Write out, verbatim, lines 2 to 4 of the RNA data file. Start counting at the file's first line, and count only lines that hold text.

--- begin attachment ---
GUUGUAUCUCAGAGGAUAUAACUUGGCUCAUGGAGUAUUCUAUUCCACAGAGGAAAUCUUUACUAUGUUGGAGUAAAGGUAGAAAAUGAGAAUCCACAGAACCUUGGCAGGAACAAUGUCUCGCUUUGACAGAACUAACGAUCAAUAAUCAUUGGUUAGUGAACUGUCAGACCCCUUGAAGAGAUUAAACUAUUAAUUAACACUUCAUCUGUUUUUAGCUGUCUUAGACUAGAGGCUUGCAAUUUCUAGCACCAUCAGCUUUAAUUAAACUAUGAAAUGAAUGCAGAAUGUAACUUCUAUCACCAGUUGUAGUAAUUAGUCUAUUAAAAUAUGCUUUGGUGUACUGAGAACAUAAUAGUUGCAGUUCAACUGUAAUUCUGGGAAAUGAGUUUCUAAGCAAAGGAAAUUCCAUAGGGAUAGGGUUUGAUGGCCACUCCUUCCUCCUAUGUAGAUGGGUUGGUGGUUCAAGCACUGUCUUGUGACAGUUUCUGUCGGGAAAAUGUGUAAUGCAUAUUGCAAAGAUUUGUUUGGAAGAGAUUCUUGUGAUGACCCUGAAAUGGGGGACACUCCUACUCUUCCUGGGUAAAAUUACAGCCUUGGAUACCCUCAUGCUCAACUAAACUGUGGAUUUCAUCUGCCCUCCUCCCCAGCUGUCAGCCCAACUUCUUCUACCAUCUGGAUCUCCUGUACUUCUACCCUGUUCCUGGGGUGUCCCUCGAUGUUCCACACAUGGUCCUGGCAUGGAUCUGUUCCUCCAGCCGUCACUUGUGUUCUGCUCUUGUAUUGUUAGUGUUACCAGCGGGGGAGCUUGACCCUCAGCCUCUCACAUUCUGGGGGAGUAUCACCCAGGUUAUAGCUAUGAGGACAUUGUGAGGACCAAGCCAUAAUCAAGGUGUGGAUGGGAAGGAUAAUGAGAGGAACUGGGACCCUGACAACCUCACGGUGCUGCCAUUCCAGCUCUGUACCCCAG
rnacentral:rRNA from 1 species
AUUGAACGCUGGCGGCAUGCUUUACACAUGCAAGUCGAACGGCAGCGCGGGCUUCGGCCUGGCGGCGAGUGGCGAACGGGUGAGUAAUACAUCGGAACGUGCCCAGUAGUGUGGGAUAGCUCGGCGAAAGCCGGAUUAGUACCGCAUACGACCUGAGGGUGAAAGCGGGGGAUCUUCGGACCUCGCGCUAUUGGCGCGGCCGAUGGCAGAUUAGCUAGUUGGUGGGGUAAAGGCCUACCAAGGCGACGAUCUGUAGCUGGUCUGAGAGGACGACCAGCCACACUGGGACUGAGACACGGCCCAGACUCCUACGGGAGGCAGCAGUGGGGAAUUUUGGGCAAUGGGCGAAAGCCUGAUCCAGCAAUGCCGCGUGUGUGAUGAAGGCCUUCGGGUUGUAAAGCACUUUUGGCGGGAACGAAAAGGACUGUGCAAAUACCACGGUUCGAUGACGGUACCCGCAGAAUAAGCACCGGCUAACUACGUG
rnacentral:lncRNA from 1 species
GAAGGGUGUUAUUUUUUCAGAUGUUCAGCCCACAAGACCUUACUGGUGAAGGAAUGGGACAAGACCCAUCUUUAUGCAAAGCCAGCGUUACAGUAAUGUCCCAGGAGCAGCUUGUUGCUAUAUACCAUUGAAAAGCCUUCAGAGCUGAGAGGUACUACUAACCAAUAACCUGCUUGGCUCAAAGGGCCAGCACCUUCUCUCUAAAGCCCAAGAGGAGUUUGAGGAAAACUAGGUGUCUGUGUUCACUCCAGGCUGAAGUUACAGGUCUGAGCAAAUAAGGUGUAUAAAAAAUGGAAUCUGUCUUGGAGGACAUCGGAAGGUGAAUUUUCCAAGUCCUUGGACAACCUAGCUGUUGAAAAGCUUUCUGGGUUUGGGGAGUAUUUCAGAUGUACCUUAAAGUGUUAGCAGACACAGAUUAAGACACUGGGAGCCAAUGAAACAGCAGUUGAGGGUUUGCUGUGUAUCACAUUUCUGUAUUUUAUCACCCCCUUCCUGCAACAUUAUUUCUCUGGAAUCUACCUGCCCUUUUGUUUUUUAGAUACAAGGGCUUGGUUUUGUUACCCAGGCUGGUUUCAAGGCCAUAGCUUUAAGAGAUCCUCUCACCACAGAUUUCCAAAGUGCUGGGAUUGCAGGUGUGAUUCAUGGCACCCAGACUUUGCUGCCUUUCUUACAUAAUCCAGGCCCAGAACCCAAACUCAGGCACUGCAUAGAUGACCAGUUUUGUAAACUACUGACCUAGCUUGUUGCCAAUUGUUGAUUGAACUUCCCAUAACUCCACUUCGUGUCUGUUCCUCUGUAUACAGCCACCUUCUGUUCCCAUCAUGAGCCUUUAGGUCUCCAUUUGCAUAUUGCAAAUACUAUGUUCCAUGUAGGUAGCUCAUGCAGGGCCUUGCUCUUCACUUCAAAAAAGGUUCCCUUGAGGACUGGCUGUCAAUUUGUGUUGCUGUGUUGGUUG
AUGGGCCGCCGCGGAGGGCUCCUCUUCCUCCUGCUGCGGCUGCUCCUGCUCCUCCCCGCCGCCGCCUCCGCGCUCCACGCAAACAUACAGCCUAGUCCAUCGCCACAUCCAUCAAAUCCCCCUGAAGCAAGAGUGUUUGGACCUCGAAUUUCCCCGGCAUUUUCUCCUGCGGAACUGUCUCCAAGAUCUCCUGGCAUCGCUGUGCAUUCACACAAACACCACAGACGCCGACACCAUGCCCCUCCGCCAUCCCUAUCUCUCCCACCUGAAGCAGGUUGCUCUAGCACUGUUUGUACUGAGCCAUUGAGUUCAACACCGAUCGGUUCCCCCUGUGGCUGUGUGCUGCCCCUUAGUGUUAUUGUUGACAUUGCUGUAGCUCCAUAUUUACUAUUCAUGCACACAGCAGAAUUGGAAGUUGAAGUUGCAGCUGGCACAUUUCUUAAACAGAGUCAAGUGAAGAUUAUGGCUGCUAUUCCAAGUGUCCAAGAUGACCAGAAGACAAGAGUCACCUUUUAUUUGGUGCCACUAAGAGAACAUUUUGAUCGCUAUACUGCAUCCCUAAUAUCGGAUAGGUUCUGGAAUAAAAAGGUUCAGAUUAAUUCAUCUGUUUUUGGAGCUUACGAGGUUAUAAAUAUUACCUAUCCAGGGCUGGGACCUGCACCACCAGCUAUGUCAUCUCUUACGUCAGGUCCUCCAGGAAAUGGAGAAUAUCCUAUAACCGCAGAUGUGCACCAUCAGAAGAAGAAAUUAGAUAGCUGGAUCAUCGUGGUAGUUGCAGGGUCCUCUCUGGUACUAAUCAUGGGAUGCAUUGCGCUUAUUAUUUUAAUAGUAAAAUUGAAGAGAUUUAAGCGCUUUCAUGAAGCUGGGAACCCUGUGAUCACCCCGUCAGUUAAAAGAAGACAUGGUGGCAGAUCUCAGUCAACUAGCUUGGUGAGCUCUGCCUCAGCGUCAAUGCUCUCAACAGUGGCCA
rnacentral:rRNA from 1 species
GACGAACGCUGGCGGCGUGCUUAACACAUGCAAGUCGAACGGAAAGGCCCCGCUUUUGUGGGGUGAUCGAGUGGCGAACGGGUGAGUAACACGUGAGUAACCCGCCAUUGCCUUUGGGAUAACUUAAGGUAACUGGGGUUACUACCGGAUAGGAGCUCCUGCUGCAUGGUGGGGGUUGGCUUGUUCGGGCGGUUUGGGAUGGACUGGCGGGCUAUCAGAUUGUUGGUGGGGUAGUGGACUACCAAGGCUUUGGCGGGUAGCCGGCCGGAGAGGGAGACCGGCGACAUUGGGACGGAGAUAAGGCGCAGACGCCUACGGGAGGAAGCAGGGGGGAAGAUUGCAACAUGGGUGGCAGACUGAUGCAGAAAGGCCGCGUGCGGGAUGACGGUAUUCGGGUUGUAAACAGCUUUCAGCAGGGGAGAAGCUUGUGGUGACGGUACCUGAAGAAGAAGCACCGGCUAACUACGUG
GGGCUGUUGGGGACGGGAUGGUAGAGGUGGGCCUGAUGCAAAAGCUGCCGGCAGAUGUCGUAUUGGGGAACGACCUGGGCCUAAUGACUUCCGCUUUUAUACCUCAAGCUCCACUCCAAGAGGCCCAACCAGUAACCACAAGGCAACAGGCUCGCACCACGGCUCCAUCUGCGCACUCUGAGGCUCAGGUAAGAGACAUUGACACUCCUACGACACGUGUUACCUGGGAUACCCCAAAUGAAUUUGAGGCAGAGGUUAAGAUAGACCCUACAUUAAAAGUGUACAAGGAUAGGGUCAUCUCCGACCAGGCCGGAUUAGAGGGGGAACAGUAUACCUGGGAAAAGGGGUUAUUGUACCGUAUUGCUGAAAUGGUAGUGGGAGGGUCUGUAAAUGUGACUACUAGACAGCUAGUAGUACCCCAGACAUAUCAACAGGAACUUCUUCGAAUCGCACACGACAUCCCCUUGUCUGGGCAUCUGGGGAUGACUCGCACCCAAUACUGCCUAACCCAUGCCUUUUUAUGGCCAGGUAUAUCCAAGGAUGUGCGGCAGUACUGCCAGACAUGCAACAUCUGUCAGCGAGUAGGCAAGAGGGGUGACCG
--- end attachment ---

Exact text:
rnacentral:rRNA from 1 species
AUUGAACGCUGGCGGCAUGCUUUACACAUGCAAGUCGAACGGCAGCGCGGGCUUCGGCCUGGCGGCGAGUGGCGAACGGGUGAGUAAUACAUCGGAACGUGCCCAGUAGUGUGGGAUAGCUCGGCGAAAGCCGGAUUAGUACCGCAUACGACCUGAGGGUGAAAGCGGGGGAUCUUCGGACCUCGCGCUAUUGGCGCGGCCGAUGGCAGAUUAGCUAGUUGGUGGGGUAAAGGCCUACCAAGGCGACGAUCUGUAGCUGGUCUGAGAGGACGACCAGCCACACUGGGACUGAGACACGGCCCAGACUCCUACGGGAGGCAGCAGUGGGGAAUUUUGGGCAAUGGGCGAAAGCCUGAUCCAGCAAUGCCGCGUGUGUGAUGAAGGCCUUCGGGUUGUAAAGCACUUUUGGCGGGAACGAAAAGGACUGUGCAAAUACCACGGUUCGAUGACGGUACCCGCAGAAUAAGCACCGGCUAACUACGUG
rnacentral:lncRNA from 1 species